The experience of committing an aging family member to a nursing home or skilled nursing facility can be particularly worrisome. Concern over whether he or she will be properly and adequately cared for on a daily basis is common. These feelings, however, are not unfounded.
Sadly, nursing home abuse and neglect is more prevalent than we realize. In fact, over 40 percent of nursing home residents report abuse, and over 90 percent report that they or other residents experience neglect. What’s more, only one in 24 cases of abuse are properly reported.
Even if you visit your loved one frequently and routinely, it’s possible to miss signs of nursing home negligence–especially if he or she is nonverbal.
If your loved one is currently in a nursing home, be on the lookout for signs of elder abuse and neglect. The most common and obvious signs include: malnutrition, bruising, falls, dehydration, and bedsores. Less obvious signs can include health code violations and improper staffing.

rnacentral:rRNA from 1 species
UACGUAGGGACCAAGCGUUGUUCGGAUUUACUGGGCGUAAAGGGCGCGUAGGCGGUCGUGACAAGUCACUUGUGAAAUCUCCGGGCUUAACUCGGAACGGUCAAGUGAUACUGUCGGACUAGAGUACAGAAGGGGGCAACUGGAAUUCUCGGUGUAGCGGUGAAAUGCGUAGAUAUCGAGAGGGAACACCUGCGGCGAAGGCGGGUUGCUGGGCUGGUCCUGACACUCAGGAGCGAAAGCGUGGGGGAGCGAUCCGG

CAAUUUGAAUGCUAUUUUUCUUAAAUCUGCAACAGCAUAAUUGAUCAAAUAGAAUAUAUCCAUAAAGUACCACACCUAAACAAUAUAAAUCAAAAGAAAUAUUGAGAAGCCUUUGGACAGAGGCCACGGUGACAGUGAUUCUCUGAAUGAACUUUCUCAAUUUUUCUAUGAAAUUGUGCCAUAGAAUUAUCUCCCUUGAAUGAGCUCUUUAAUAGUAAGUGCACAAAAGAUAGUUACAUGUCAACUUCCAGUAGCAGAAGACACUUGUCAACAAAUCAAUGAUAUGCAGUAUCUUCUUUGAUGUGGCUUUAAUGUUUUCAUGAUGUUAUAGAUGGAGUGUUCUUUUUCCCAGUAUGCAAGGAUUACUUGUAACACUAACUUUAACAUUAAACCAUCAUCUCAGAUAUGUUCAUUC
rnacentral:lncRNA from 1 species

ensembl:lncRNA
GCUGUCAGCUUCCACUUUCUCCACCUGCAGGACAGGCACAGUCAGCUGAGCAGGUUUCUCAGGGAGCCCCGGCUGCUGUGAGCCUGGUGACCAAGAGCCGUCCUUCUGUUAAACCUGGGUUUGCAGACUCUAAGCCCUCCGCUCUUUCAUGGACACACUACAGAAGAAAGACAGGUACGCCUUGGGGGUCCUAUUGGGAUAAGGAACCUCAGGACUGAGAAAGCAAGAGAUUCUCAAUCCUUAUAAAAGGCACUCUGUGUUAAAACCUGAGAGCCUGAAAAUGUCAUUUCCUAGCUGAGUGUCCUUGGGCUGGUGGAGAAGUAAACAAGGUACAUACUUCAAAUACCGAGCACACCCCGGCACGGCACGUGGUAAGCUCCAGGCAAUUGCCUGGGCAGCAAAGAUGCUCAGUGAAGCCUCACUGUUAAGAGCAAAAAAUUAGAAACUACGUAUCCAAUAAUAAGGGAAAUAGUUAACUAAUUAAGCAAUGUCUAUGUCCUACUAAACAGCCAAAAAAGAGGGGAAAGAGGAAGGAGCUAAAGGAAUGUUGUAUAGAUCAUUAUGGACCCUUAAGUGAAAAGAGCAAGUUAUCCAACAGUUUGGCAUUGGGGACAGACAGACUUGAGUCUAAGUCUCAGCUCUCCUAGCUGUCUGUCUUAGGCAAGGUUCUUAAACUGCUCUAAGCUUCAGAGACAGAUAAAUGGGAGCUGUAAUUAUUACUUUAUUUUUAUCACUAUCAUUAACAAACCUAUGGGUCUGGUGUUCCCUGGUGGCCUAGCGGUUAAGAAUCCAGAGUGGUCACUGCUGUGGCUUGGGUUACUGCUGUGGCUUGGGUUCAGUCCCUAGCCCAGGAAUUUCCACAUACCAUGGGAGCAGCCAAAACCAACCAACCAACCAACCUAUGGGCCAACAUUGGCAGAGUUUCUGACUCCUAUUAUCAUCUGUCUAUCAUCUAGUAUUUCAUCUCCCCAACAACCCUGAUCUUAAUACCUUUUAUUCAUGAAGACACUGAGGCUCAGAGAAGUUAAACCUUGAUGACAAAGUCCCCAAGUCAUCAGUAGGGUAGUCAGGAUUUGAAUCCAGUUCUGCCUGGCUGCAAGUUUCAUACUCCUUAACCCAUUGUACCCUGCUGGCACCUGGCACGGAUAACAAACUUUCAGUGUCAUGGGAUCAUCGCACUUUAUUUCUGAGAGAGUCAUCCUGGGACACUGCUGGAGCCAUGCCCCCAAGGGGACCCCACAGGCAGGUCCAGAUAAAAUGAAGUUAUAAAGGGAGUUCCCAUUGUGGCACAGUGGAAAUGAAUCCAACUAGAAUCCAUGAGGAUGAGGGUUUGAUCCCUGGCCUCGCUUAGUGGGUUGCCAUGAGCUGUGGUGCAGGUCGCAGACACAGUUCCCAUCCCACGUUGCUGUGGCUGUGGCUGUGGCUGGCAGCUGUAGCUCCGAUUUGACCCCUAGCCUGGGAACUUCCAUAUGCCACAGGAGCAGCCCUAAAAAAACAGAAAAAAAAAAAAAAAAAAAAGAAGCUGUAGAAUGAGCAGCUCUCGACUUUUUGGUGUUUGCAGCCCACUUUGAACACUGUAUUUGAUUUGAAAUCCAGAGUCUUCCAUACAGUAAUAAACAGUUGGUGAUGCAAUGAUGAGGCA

Thankfully, on March 23, 2022, the State of Ohio signed into effect a law aimed at protecting nursing home residents from elder abuse and neglect. “Esther’s Law,” named after a victim of nursing home abuse, grants residents and their representatives the ability to install electronic monitoring devices in residents’ rooms to monitor the quality of care they receive.
At Obral, Silk & Pal, LLC, we have many years of experience representing victims of nursing home negligence and their families. If you currently have a family member in a nursing facility, we encourage you to take advantage of Esther’s Law. Even if you are unable to regularly review the video footage, merely having a camera present in your loved one’s room can have a deterrent effect on staff.
Additionally, if you or a loved one have experienced nursing home abuse/neglect, you may have a potential personal injury claim. Contact the experienced attorneys at Obral, Silk & Pal, LLC for a FREE case evaluation. Use our case evaluation tool found on our home page www.216Lawyers.com Twenty-four hours a day.
Injuries change lives…so do we.